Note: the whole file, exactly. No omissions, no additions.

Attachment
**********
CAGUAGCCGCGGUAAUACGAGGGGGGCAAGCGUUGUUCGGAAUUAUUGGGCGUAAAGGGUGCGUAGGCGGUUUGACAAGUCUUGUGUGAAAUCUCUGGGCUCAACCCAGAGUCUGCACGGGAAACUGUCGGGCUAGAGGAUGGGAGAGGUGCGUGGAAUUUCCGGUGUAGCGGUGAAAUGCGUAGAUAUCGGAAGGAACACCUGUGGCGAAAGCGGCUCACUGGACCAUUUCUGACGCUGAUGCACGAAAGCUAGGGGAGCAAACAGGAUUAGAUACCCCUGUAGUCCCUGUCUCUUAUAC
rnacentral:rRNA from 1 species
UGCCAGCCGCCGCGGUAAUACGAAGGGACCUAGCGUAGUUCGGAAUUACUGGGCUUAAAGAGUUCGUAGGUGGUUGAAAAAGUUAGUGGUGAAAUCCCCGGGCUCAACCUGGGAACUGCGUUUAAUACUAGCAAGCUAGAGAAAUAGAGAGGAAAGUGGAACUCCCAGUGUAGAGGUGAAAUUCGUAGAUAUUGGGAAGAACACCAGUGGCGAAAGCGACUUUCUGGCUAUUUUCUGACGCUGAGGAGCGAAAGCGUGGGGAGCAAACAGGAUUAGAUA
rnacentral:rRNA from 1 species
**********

CAGUAGCCGCGGUAAUACGAGGGGGGCAAGCGUUGUUCGGAAUUAUUGGGCGUAAAGGGUGCGUAGGCGGUUUGACAAGUCUUGUGUGAAAUCUCUGGGCUCAACCCAGAGUCUGCACGGGAAACUGUCGGGCUAGAGGAUGGGAGAGGUGCGUGGAAUUUCCGGUGUAGCGGUGAAAUGCGUAGAUAUCGGAAGGAACACCUGUGGCGAAAGCGGCUCACUGGACCAUUUCUGACGCUGAUGCACGAAAGCUAGGGGAGCAAACAGGAUUAGAUACCCCUGUAGUCCCUGUCUCUUAUAC
rnacentral:rRNA from 1 species
UGCCAGCCGCCGCGGUAAUACGAAGGGACCUAGCGUAGUUCGGAAUUACUGGGCUUAAAGAGUUCGUAGGUGGUUGAAAAAGUUAGUGGUGAAAUCCCCGGGCUCAACCUGGGAACUGCGUUUAAUACUAGCAAGCUAGAGAAAUAGAGAGGAAAGUGGAACUCCCAGUGUAGAGGUGAAAUUCGUAGAUAUUGGGAAGAACACCAGUGGCGAAAGCGACUUUCUGGCUAUUUUCUGACGCUGAGGAGCGAAAGCGUGGGGAGCAAACAGGAUUAGAUA
rnacentral:rRNA from 1 species